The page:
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Motte and Bailey Castles

& Ringworks

Photographs copyright 2002 by Jeffrey L. Thomas

Above: drawing of a typical motte-and-bailey castle
Below: the impressive motte at Hen Domen Castle

Earthwork castles fall into two main types, mottes and ringworks. The former are usually associated with one or more baileys or courtyards, whilst a ringwork generally stands in isolation. The term "enclosure" is preferred by some with regard to ringworks, but "ringwork" is now an accepted term for this type of castle.

A motte is an enditched mound, usually artificial, which supported the strongpoint of the motte-and-bailey castle, overshadowing the bailey or enclosed courtyard below. It is predominantly rounded in plan, but square or rectangular mottes are known, especially in Scotland. The height of mottes varies greatly, the majority being under 5m, although a few of the sites built in the years immediately following the Norman Conquest are well known for having some of the largest castle mounds in the country.

 

Below: the motte at St Clears Castle, Carmarthenshire, still dominates the town.

 

A bailey could vary in both shape and size, and a castle could have more than one. There are, however, some mottes which never seem to have had an attached courtyard. We cannot be certain why this should be, but some mottes may have been built as fortified observation posts rather than for permanent occupation. Another reason might be that a motte without a bailey represents an unfinished castle.

The advantage of a motte is obvious, towering as it did in most cases above the surrounding terrain. That it was the key in the defences of this type of castle is emphasized in two contemporary accounts of attacks on two sites in Wales. In 1075, two years after Rhuddlan Castle, Flintshire had been built the bailey was stormed and burnt by Gruffydd ap Cynan. Many Norman soldiers fell in the engagement, and only a few were able to reach the safety of the "tower," a reference to the motte with a timber structure on its summit. The second reference is to Llandovery Castle, Carmarthenshire, in 1116. Although the Welsh were successful in attacking and burning the "outer castle" or bailey, the Normans on the motte caused enough casualties among the assailants for the attack to be withdrawn. It is hardly surprising, therefore, that many of these type of castle were built.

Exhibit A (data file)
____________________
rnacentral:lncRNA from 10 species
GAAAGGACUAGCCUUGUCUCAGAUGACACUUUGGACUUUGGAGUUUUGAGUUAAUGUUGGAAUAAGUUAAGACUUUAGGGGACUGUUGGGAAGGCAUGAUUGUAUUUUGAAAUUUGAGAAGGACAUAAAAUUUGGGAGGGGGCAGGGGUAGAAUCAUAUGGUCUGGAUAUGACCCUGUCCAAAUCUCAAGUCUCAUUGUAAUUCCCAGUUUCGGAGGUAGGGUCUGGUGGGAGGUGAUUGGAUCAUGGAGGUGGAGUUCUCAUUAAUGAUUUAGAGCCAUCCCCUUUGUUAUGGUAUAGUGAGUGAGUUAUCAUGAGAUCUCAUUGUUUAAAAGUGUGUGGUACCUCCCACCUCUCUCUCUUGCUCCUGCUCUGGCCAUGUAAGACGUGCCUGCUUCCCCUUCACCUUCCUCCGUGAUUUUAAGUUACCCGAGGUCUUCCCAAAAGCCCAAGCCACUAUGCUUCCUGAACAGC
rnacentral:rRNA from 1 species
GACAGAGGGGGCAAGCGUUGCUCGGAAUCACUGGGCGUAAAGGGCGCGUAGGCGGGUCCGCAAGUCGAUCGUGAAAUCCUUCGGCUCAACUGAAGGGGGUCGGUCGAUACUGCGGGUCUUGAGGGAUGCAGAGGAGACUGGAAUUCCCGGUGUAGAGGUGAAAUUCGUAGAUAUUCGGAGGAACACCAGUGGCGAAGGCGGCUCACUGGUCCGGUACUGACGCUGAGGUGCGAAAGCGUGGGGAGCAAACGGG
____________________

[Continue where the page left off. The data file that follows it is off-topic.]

Below: the large motte & stone shell keep at Wiston Castle

 

Ringworks could vary in form, but were generally circular earthworks, each consisting of a bank and ditch, or they might be D-shaped where a natural scarp formed part of the defences, as it did at Kidwelly Castle, Carmarthenshire. A simple definition might be that a ringwork is a motte-and-bailey without the motte, and as its rampart could enclose a large area, these castles did not always have an additional bailey.

In general, a ringwork must have been quicker and cheaper to throw up than a motte-and-bailey, and this factor undoubtedly accounts for such defences being built when some castles were first constructed in England and Wales. In these cases where the Normans utilized earlier fortifications, such as Roman defences and Anglo-Saxon burhs or defended towns, in the immediate post-conquest period, ringworks seem to have predominated. It cannot be a coincidence that when the Normans were endeavoring to extend their hold on south Wales in the early 12th century, many of the castles were ringworks. Coity, Ogmore and Loughor in Glamorgan, Kidwelly, Llansteffan and probably Laugharne in Carmarthenshire are all good examples of this use of ringwork construction. Here the Normans, during their advance and occupation, were deliberately constructing what they considered to be a quick and effective form of castle.

Medieval Fortifications, John R. Kenyon, Leicester University Press, Leicester and London, 1990.

Below: remains of the ringwork castle at Crickadarn

 

Some examples of Welsh motte & bailey castles:

[Hen Domen] [Llanadog] [Twthill] [St Clears] [Wiston] [Aberedw] [Pencader] [Crickadarn]

 


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Copyright 2009 by Jeffrey L. Thomas